‘Be brave for 30 sec­onds’

Evanston protest calls out si­lence to­ward dis­play of Con­fed­er­ate flag at beach

Chicago Sun-Times - - CHICAGO SUN TIMES - BY CLARE PROC­TOR, STAFF RE­PORTER cproc­tor@sun­times.com | @ce­proc­tor23

Just as prob­lem­atic as the Con­fed­er­ate flag towel at an Evanston beach Wed­nes­day, LaShan­dra Smith-Ray­field said, were the beach­go­ers who didn’t speak up about it.

“Me speak­ing out against ha­tred does not make me anti-pa­tri­otic,” Smith-Ray­field said at a protest Fri­day. “It ac­tu­ally makes me pa­tri­otic . . . . Ev­ery per­son on that beach walked past it. In my video, you can see peo­ple walk on past it. Why is it OK to walk on past it?”

Fri­day, more than 300 peo­ple cir­cled around Smith-Ray­field, gath­er­ing at a protest out­side Light­house Beach in North Evanston on Fri­day. Smith-Ray­field and other or­ga­niz­ers called out other peo­ple at the beach Wed­nes­day who didn’t take ac­tion when a white man at the beach hung a Con­fed­er­ate flag towel on the fence, as well as peo­ple who stay silent in the face of racism.

On Wed­nes­day, a beach­goer set up camp at Light­house Beach and hung a towel dis­play­ing a Con­fed­er­ate flag on the fence. Photos of the towel hit so­cial me­dia, and when Smith-Ray­field saw it, she got in her car, drove to the beach and called the man out, de­mand­ing he take down the Con­fed­er­ate flag. She streamed the en­counter in a video on Face­book Live. The video also shows an African Amer­i­can man who en­gaged in the ar­gu­ment and iden­ti­fied him­self as a vet­eran.

The man, who asked to re­main un­named out of fear for his safety, told the Sun-Times he didn’t get to fin­ish what he was say­ing in the video. He said he served in the mil­i­tary so peo­ple could have a “right to have a dif­fer­ent opin­ion.” If the men with the flag would have started at­tack­ing Smith-Ray­field, the man said he would have de­fended her as well.

The man said he dis­agreed with the sym­bol and even in­ten­tion­ally sat next to the group with the Con­fed­er­ate flag, hop­ing to have a con­ver­sa­tion with them about why the flag is wrong.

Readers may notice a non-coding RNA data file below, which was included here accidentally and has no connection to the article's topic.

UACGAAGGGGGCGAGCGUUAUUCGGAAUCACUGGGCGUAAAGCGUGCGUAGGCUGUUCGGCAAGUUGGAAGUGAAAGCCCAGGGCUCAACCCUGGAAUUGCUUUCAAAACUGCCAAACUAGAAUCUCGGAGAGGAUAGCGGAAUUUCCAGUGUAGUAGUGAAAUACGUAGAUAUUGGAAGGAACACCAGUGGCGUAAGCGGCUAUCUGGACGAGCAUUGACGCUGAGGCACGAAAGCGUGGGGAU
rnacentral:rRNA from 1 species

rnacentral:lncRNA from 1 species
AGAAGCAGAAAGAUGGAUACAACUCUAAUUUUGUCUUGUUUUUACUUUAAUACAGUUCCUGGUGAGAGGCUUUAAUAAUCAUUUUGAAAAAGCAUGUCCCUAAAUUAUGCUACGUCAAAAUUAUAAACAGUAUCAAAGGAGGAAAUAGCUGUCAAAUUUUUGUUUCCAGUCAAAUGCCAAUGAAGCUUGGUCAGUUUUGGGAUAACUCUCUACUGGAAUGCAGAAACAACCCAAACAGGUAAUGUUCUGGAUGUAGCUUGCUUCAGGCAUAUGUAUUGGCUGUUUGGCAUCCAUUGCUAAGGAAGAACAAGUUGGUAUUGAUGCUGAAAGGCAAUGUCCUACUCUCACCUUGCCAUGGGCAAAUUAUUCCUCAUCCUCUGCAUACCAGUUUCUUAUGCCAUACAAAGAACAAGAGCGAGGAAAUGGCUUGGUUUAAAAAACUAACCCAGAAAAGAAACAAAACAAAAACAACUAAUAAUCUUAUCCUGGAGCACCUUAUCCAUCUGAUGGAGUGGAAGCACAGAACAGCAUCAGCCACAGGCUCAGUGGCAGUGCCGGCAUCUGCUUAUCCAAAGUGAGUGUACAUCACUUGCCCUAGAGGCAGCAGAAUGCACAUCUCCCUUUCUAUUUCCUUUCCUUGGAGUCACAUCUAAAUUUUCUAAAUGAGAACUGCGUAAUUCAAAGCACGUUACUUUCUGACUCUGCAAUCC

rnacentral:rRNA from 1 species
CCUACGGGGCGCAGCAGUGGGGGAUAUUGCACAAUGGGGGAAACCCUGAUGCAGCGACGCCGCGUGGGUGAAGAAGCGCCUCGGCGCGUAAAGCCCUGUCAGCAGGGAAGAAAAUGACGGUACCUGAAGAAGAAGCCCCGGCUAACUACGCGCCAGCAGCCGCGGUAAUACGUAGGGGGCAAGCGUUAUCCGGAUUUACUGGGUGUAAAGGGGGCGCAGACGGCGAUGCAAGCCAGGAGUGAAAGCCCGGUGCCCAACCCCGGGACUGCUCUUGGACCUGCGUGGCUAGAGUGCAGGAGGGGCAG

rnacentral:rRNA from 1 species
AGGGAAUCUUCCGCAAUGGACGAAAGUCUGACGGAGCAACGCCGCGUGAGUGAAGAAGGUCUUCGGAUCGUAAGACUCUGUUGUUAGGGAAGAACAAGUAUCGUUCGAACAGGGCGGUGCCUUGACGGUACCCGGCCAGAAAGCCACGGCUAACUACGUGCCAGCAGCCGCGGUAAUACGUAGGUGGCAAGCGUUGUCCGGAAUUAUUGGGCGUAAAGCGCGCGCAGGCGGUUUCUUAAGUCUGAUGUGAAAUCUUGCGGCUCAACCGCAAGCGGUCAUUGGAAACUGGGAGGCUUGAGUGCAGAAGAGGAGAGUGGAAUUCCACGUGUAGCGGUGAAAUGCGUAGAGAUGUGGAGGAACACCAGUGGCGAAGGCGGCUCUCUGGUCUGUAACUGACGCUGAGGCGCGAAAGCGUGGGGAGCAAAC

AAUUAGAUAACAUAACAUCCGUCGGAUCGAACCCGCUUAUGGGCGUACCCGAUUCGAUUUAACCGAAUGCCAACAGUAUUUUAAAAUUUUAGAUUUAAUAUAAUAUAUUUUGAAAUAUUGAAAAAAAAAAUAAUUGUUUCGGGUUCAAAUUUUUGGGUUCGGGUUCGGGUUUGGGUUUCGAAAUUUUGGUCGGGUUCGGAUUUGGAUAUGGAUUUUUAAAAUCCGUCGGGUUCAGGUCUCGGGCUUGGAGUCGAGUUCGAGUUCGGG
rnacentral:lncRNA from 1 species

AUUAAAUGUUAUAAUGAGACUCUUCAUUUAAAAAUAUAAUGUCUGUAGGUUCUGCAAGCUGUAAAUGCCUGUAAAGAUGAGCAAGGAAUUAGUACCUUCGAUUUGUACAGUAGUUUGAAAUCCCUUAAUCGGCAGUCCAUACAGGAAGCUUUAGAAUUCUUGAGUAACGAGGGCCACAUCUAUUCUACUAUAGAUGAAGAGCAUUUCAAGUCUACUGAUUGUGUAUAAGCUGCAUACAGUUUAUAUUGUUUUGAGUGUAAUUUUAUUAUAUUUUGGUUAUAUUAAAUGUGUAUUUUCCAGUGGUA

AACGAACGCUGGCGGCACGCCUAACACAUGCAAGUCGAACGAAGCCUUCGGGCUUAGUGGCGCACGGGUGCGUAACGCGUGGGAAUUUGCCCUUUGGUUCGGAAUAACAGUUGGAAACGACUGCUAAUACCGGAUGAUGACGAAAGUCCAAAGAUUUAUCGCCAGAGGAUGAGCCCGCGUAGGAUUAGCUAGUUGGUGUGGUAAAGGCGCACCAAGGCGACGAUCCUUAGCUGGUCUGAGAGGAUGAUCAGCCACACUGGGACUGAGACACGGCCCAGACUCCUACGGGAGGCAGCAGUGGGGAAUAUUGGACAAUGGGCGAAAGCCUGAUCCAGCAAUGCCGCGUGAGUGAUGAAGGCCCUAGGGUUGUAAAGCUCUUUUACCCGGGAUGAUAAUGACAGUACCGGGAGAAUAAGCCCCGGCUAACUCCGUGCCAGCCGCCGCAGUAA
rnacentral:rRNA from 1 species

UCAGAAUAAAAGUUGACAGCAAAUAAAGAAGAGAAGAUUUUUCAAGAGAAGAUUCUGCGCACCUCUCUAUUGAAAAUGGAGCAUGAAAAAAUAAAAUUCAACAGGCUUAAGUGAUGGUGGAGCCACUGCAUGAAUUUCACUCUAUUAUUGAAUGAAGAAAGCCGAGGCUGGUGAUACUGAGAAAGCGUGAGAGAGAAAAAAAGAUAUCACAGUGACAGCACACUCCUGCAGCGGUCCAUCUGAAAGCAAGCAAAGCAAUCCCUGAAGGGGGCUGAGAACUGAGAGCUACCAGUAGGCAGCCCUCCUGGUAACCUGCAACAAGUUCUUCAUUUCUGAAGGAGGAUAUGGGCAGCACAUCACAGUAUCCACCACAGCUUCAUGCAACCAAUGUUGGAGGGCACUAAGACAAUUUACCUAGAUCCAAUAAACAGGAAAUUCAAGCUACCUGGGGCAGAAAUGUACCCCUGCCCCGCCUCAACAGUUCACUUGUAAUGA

“I was go­ing to do it dis­creetly,” he said. “All I did was de­fend their right to have a dif­fer­ent idea.”

He said they even­tu­ally agreed to re­move the flag at his re­quest; one can be seen shak­ing his hand in the video.

Smith-Ray­field deleted the video Thurs­day be­cause of in­ter­net trolls call­ing her a ter­ror­ist and mak­ing threats, she told the Sun­Times on Fri­day.

At the protest, Smith-Ray­field told white at­ten­dees they need to “be brave for 30 sec­onds” and call out racism when they see it.

“We’re all ca­pa­ble,” Smith-Ray­field told the Sun-Times. “I’m not dif­fer­ent from any­one here.”

Smith-Ray­field, who’s been an ed­u­ca­tor for two decades, said she and oth­ers are pre­par­ing a cur­ricu­lum to send out to bet­ter ed­u­cate the com­mu­nity about racism and how to be anti-racist. In the year 2020, she said, there shouldn’t be a “white beach” any­more, a rep­u­ta­tion some say Light­house Beach has.

Khari Ray­field, 19, one of SmithRay­field’s four chil­dren, spoke at the protest, call­ing out the un­just deaths of Tamir Rice, Ge­orge Floyd, Bre­onna Tay­lor and oth­ers at the hands of po­lice. Ray­field said these peo­ple all “fit the de­scrip­tion” sim­ply be­cause of the color of their skin. So do her broth­ers, sis­ter, mother, fa­ther, cousins, Ray­field said.

“I fit the de­scrip­tion,” Ray­field said. “I don’t want to be the next hash­tag. I don’t want any­one over here to be the next hash­tag.”

Atena Dan­ner closed out the rally by singing “Feel­ing Good” by Nina Si­mone, a civil rights ac­tivist. Dan­ner told the Sun-Times that she chose the song be­cause the racial in­jus­tices “suck the life and joy out of you.” With her song, Dan­ner said she wants to help reen­er­gize their joy. Peo­ple then marched on the beach in groups of 50 in protest.

Evanston Mayor Steve Hagerty, who came to the protest af­ter it started af­ter at­tend­ing a pan­demic task force meet­ing, first posted on so­cial me­dia call­ing the in­ci­dent “fake news” be­fore he saw SmithRay­field’s

video and walked fur­ther down the beach to find her ac­count to be true. He posted a sec­ond time apol­o­giz­ing and prais­ing Smith-Ray­field’s brav­ery.

City lawyers are look­ing into or­di­nances that could pro­hibit dis­play­ing any sign of hate on pub­lic prop­erty, Hagerty told the Sun-Times.

“We don’t want to hin­der speech,” Hagerty said. “But we don’t want hate speech on our pub­lic prop­erty.”

Jiana Bel­ton, 45, has lived in Evanston for 23 years. As a Black mother, she at­tended Fri­day’s protest be­cause there is still sys­temic di­vi­sion in the schools and neigh­bor­hoods, Bel­ton said.

The racism goes far­ther than the beach, Bel­ton said, man­i­fest­ing in un­equal pun­ish­ment of stu­dents of color at schools and racism in polic­ing.

“We’re ex­hausted,” Bel­ton said. “We want the same thing white peo­ple want, for our fam­i­lies to be able to en­joy a day at the beach.”

PAT NABONG/SUN-TIMES PHOTOS

Peo­ple at­tend a racial jus­tice rally at Light­house Beach in Evanston on Fri­day.

LaShan­dra Smith-Ray­field

PAT NABONG/SUN-TIMES PHOTOS

ABOVE: Peo­ple at­tend a racial jus­tice rally Fri­day at Light­house Beach in Evanston. LEFT: LaShan­dra Smith-Ray­field tears up while speak­ing at the rally.

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